Optimise Prime: Electrifying fleets without breaking the grid?


Distribution network operators and fleet companies are working out how to enable the EV transition without simply resorting to grid upgrades. The Optimise Prime trial hopes to enable a smarter approach. The Energyst spoke with Sung Pil Oe, innovation project lead at UK Power Networks, on progress to date.

Optimise Prime is the world’s biggest trial of commercial EVs. The £34.7m project, funded via energy bills under Ofgem’s innovation allowance, aims to understand – and minimise – the impact that the electrification of commercial vehicles will have on distribution networks. 

Led by Hitachi Vantara and UK Power Networks, the four year project will involve up to 3,000 EVs from Royal Mail, British Gas and Uber, supported by Scottish and Southern Electricity Networks, Hitachi Europe and Hitachi Capital Vehicle Solutions.

Big shifts

The project is strategically important, because fleets are starting to drive EV adoption curves says Sung Pil Oe, innovation project lead at UK Power Networks.

“Some of the biggest fleets operate tens of thousands of vehicles, so they could be transitioning significant volumes in one go.”

That is evidenced by Centrica, owner of British Gas, in July placing an order for 1,000 EVs. The partners have agreed to bring forward their investment plans for EV as part of the project with Royal Mail also procuring additional electric delivery vans as part of Optimise Prime.

“There is also a gap in understanding how commercial vehicles will be charged, their charging profiles – because most trials to date have focused on residential users,” says Oe. “So as a result of the trial, we will collect the largest dataset on the network impact posed by commercial vehicles – and it will be made publicly available.”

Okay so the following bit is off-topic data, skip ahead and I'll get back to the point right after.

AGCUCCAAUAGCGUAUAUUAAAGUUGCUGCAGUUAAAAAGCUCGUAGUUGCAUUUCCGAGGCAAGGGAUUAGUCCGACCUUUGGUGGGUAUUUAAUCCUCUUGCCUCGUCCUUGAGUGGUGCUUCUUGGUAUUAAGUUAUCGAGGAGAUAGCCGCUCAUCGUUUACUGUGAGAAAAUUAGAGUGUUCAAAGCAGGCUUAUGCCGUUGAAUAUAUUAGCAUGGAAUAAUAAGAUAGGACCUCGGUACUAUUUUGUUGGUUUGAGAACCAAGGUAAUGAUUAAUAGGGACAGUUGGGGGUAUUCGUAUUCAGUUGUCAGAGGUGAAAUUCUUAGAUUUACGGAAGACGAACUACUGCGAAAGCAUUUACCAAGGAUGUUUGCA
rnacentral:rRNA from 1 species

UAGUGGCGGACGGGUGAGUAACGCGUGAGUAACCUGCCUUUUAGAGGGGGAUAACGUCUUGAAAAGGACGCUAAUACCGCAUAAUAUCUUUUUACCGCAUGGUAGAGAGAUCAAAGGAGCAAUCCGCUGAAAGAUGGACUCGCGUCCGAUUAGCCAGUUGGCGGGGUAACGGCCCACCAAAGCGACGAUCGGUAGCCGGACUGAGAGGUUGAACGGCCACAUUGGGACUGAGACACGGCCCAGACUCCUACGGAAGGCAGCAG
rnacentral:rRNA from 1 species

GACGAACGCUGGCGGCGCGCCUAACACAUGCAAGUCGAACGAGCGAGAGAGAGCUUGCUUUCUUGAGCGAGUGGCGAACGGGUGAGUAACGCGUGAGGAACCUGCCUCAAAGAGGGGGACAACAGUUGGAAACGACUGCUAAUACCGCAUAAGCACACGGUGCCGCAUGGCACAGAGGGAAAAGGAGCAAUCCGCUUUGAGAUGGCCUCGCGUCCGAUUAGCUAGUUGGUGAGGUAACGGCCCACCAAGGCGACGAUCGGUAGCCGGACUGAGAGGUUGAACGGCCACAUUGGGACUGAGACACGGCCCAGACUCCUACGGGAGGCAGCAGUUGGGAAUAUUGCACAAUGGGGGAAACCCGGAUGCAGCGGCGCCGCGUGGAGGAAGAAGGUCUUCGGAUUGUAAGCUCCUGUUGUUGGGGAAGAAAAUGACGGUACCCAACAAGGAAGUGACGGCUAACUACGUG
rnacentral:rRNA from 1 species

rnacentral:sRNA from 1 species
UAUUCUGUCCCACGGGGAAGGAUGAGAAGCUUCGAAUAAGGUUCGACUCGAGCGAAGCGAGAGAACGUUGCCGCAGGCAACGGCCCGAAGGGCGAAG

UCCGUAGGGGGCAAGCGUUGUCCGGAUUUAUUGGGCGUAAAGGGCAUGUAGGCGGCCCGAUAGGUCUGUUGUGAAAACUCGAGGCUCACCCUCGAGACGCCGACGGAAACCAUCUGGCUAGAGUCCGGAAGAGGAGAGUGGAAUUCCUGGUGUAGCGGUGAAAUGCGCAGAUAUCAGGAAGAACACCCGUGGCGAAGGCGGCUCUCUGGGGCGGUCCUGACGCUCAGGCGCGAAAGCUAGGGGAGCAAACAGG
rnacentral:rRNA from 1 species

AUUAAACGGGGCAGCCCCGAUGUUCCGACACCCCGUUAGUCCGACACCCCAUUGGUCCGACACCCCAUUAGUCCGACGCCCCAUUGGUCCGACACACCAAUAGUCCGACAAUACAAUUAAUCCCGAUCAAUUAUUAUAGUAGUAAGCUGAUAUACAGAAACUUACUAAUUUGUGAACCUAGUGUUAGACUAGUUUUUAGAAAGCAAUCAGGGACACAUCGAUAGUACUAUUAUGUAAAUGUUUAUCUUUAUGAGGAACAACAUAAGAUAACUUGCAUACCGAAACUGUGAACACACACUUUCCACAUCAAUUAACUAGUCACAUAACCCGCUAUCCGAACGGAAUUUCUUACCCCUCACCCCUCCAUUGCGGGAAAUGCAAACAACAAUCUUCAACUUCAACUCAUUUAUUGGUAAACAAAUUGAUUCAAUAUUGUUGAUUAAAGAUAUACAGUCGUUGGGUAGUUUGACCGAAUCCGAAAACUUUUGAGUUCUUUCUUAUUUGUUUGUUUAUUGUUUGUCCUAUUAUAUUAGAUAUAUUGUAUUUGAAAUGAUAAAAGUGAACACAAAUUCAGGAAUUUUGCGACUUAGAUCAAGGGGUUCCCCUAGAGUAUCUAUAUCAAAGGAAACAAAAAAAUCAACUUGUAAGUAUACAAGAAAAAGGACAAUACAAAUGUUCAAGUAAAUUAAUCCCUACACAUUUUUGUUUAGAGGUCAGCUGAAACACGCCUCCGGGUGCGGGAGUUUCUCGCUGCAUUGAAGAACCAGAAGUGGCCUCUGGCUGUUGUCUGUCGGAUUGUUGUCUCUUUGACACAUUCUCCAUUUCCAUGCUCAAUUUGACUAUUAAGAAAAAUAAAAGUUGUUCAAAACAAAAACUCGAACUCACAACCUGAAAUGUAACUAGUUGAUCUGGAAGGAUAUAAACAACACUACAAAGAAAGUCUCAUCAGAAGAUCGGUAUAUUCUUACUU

The trial looks at both return to home fleets and return to depots. The latter is likely to pose the greatest capacity challenges, given the concentration of charging in one place. However, the former aims to determine how distributed EVs could be used to provide flexibility services to meet network needs as well as examine how to automate the process for employees to claim back expenses for charging company EVs at home.


Royal Mail, which has 48,000 vehicles on its fleet, is the return to depot partner. It told The Energyst it is currently waiting for its smart load management system to be deployed by Hitachi. Until that happens, it was unwilling to provide comment on its EV experience to date for this report.

Project delays, relating to vehicle availability and delivery of some of the technical solutions, have been exacerbated by Covid-19 disruption.

While now looking likely to complete up to a year behind schedule, the partners hope it will ultimately deliver planning tools that assist fleet managers in transitioning to EVs.

Base loads

Oe says the Depot Charging workstream should enable fleet managers to better understand aspects such as the number of chargepoints required, their rating and background load demand already on site, and overlay that with operational schedules to optimise charging requirements.

“It will take into account any onsite generation or storage, and flexible assets such as EVs to optimise a site’s energy requirement and produce a profile which can then be used to apply for a profiled connection – which is another product that we are offering as part of the trial,” Oe explains.

A profiled connection is a type of flexible connection – which will allow DNOs to maximise utilisation of the existing network capacity. By matching a site’s profile and charging schedule with network constraints, the aim is to create a smart charging system that benefits both vehicle operator and network operator.

Power trades

The trial also aims to understand the flexibility services fleets such as Royal Mail could provide.

“If a depot takes a profiled connection, and has optimised as a result, is there residual flexibility that can be provided to the DNO on top of that? If so, it could be used to provide additional revenue streams for customers – and that’s something we want to explore as part of the project,” says Oe.

“The ability to understand the value of flex for different types of EV fleets is an important aspect of the trial. If the value is proven then it will increase liquidity in the flexibility service market by allowing commercial EV fleets to participate.”

Tech challenges